While it may seem easier to avoid certain people in the workplace, you may be limiting yourself when you limit your interactions with a colleague.

When we get stopped in the face of working with people we don’t like or understand, we close ourselves off to opportunities to be productive and efficient.  Instead of expanding and learning, we find ourselves shrinking.

Let’s say you have a colleague who doesn’t share information freely.  Kind of like a squirrel, she gathers all the nuts she can and then sits on them.  Pulling the information out of her is like trying to open one of those nuts with both hands tied behind your back.  And to make matters worse, she is suspicious of your intentions.

Each time it happens you think to yourself if this happens again, I’m going to lose it.  But you say nothing because you feel that if you do, it will make matters worse.  It feels hopeless.

Wouldn’t it be great if you could interact with that colleague in a way that would change the dynamic so she stopped hogging the nuts? 

Or perhaps your issue is with the employee who handles I.T. for the company?  He behaves inappropriately in meetings.  derails important discussions with dumb jokes, spends an inordinate amount of time checking his phone and occasionally wears flip flops and shorts to the office which is too casual to be professional.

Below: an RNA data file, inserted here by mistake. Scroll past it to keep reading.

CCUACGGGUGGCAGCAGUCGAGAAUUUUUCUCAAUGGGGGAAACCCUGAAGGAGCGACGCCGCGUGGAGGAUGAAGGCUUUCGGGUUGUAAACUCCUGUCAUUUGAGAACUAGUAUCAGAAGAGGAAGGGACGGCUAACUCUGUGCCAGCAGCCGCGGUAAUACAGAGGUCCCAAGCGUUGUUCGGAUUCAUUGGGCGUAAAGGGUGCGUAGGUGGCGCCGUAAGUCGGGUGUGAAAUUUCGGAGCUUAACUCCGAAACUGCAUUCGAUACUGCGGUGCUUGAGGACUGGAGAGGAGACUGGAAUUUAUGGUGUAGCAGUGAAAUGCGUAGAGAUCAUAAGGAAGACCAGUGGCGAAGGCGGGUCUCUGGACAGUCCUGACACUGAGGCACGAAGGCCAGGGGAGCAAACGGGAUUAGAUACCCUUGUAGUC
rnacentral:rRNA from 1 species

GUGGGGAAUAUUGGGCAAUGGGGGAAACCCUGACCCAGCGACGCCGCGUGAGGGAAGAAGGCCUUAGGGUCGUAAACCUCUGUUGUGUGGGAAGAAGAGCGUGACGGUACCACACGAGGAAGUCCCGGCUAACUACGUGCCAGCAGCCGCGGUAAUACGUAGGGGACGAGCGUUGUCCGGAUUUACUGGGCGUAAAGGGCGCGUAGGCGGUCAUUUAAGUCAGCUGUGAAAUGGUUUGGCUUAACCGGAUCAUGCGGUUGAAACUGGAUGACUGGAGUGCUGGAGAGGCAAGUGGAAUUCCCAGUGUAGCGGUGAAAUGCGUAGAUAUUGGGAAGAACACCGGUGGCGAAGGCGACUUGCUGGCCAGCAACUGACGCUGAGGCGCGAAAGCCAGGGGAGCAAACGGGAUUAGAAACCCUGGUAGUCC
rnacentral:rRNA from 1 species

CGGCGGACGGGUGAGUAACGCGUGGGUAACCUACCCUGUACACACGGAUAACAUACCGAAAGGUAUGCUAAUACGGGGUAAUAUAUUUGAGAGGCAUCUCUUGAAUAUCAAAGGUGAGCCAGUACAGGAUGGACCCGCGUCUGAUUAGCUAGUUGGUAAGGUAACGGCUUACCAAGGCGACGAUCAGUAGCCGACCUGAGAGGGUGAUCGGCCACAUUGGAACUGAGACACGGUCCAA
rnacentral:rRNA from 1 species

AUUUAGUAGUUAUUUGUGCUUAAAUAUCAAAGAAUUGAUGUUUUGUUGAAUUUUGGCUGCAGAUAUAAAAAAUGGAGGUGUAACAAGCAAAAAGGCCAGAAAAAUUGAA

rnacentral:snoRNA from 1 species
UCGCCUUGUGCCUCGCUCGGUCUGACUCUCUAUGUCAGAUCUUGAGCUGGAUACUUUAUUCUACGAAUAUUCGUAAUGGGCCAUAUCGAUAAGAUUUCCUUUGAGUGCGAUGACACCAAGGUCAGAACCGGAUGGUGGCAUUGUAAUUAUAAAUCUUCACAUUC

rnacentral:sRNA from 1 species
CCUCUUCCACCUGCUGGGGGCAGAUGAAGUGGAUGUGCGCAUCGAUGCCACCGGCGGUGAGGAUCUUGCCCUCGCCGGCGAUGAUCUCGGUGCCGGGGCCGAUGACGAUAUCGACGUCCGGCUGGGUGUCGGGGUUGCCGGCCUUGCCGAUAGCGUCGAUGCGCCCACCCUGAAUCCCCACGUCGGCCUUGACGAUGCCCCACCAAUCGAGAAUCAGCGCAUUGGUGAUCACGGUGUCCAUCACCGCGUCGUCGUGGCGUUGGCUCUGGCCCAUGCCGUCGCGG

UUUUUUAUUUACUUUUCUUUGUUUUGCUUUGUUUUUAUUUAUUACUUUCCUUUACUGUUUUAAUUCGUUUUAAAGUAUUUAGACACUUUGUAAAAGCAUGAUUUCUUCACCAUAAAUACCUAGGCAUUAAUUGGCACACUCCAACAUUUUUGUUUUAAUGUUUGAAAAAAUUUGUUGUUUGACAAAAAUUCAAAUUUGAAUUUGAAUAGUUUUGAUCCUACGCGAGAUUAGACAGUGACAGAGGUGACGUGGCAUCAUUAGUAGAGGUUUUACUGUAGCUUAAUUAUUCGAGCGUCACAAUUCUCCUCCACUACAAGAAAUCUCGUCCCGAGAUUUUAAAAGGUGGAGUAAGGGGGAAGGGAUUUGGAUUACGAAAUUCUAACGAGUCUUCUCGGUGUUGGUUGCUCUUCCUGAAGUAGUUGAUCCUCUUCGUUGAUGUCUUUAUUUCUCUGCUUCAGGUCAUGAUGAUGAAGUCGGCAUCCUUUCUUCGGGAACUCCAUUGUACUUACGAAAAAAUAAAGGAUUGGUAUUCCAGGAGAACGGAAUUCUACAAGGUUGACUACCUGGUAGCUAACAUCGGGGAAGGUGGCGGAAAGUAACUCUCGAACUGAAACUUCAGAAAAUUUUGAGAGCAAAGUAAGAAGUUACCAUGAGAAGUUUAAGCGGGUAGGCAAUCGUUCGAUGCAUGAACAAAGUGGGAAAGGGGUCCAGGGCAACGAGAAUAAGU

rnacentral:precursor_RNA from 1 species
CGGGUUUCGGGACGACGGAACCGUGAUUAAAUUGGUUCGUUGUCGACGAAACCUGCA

Now he’s beginning to irritate upper management.  It’s kind of like working with Homer Simpson except that he knows everything about I.T. at your company!  You know you need to talk to him about his behavior but you’re afraid to lose him.

What if by talking to him, you not only found a way to make upper management happy, but you transformed his ability to move up in his career.  What if you could be the hero of his story?

Here’s the good news; the first steps that will take you from avoidance to engagement.. are baby steps.

 Coach Me Quick Tips for taking baby steps:

  1. Find a reason that is not work related to engage with the colleague you are avoiding.  It might be as simple as complementing an outfit or asking for directions.  Simple engagements begin to lay the foundation for connection.
  2. Ask questions.  Find something to be curious about and follow your curiosity to learn more about this colleague.  When we gain information, we sometimes have a perspective shift that easily changes a difficult dynamic.
  3. Practice executive presence.  When people are confident in themselves and their work, they don’t need to explain or defend.  They are present and listening with no need to “prove” themselves.
  4. Acknowledge and appreciate.  Find something that you can genuinely acknowledge about your colleague’s work.  When people are acknowledged, they become more secure and more open to dialogue.

Shifting from a protective position to a more engaged position may not sound easy, but with a bit of practice, you will strengthen those muscles … and enjoy the benefits of expansion.

Taking those baby steps.. in L.A.


Photo credit: Boguslaw Mazur | Dreamstime.com